My 10 crazy days at Amritapuri ashram Kerala India
How it all started…
There is no coincidence in life.
And honestly, everything happens for a reason.
I am the biggest believer of the upper sentences, that’s for sure.
I still remember clearly when I sent a message to a friend of mine that I was going to Prague and we should meet up again. His reply was ”aw, you’re going to the IAM meditation course over the weekend, too?”
No, my plan was to go to Prague on Monday and wait there for the meeting with one of my gadget sponsors Acer, and just hang out with friends in the meantime. But my friend’s joy about the 2-day course got my attention.
So I bought the Friday night train to Prague instead only to find out that I could still attend the IAM meditation course on Saturday and Sunday, but on top of that, just across the street (and how huge Prague is?!) one of my soulmates, a Slovak singer born just 1 day after me, had a concert on Saturday night 🙂
I was not just the only one who came from outside of Prague on that weekend but also the one who even crossed 1,000 km by train to learn the IAM meditation.
Our meditation teacher whose spiritual name was Tejomayi, was the purest angel I’ve ever seen on this Earth until that time. And just seeing this young short-haired Czech lady was reassuring me there was still hope for the better in this world.
We not only learned the difficult 30-minute IAM meditation there over the weekend, but also found out more about AMMA, a spiritual Guru from India who has been helping people all over the world. Amma gives strength to others through her powerful hugs. Watching the video about Amma’s deeds gave me chills and I left the course with tears in my eyes.
I remember clearly Tejomayi’s last sentence: ”Alex, it was so nice to meet you. If you ever come to India, you are more than welcome to stay at our ashram Amritapuri in Kerala state.”
I just smiled and thought to myself … yeah, sure, I still don’t dare to visit India on my own. And out of 29 states there are, what’s the chance of going exactly to Kerala? Mission impossible …
Boy, was I wrong!
There is no coincidence in life.
And honestly, everything happens for a reason.
And it really did.
Just a month later …
Already for the second time I got an email from the Kerala Tourim Board they would like me to participate in their blogger contest. I so forgot I refused it a year ago as I don’t like to ask my readers for votes.
But this time the Kerala word stroke me. Wait, that’s where Amritapuri ashram is, right??
So I made my contest profile and posted one status about it on my Crazy Sexy Fun Traveler Facebook.
And then again forgot about it until a good friend of mine, Mica from the Philippines I did not see for 3 years, told me she is trying to get to Kerala too so we could reunite. And then she said I was on the 4th place out of 700 participating bloggers!
It was then when I realized it was maybe possible to finally get my ass to India.
So I asked my fans to vote for me 2 more times until I really was one of the winning 30 bloggers from around the world, yay! 🙂
I won a trip to Kerala
Everything happens for a reason.
I said yes to the Kerala blogger trip for 2 weeks and planned to extend my stay for another 2 weeks to visit Amritapuri ashram and then the last days on the beach in Varkala.
I was finally going to India and not going on my own! My dream was coming true.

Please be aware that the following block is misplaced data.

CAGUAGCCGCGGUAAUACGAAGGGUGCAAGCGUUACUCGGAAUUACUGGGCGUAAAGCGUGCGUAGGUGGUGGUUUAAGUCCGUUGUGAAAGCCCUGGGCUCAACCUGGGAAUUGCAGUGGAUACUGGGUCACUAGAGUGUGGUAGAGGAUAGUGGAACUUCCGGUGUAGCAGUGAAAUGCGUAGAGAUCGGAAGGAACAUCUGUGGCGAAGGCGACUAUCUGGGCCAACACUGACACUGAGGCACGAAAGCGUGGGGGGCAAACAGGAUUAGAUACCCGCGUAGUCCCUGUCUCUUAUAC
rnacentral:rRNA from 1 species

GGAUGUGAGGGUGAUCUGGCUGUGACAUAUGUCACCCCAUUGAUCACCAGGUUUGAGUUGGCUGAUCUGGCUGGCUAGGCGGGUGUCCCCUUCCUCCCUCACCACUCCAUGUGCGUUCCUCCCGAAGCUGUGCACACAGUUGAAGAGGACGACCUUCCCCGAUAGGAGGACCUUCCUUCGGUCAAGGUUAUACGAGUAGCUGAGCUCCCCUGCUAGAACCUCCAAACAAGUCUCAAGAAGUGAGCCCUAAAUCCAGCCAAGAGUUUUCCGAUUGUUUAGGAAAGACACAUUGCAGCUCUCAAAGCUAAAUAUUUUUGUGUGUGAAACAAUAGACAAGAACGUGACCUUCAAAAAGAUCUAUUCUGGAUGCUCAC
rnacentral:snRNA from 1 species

When I was booking my flights, I was just on the phone with my dad who was in a difficult life situation.
”So how much are they?” dad asked. ”Oh, only that? That’s doable. Hmmm can I go with you?”
I don’t really remember what I replied in between but after a few minutes dad called me again saying he would join me for he entire month if he would not be a burden to me.
I am still not sure who was in a bigger shock, if me or dad …
But we both laughed in the phone and made a promise to each other … WE CAN DO IT.
It was the first time:
- for us to travel together abroad for longer than 5 days (except summer motorbike trips around Slovakia),
- for dad to go to Asia
- for dad to be on his own for 2 weeks
- for dad to leave home for longer than 2 weeks ever (this was for a month)
- for both of us to visit an ashram.
As you can see, the whole trip looked like a huge challenge to both of us.
And as I had to spend 2 weeks traveling around Kerala with other travel bloggers, we realized that the easiest thing for dad to do speaking just very little English was to let him stay at Amritapuri and wait for me there.
It was also the first time I was more worried about dad than he about me on the road. Just in case, I was sending emails to Tejomayi almost every day with all the questions dad had. And she was NOT surprised at all all those things happened so early after our meeting in Prague. She was sure I would visit Amritapuri very soon.
Once everything was planned, we embarked on the month long trip. After the super long flights and waiting time in between, we finally landed in Trivandrum, the capital of Kerala and then took a taxi we ordered online beforehand at Amritapuri to take us there.
First day at Amritapuri
My trip around Kerala state was starting on the following day but we arrived one day earlier on purpose so I could accompany my dad to the ashram, check out all the necessary info there and show dad around.
We got a private room with 2 beds on the 11th floor of one of the pink-orange looking ashram apartment buildings. It was super simple, just with a table and a chair, a fan, a kitchen sink and a bathroom where the shower water was sprayed all over toilet bowl.
Spending just one afternoon, first horrible night when it was too hot and loud to get any sleep at all and one breakfast at Amritapuri was a huge shock to both of us.
I had no idea what dad was going to do there without me …
Dad does NO yoga, he does not believe in meditation either …
He is not a spiritual person at all, and is strictly against all the religions.
He was crying like hell when eating those 2 spicy Indian meals we shared during our first hours at the ashram.
He said all the people wearing white clothes around us looked ”weird” …
And when I asked him to go to listen to the Bhajan singing every morning/night at the temple or at the hall, he laughed ”me? Never!”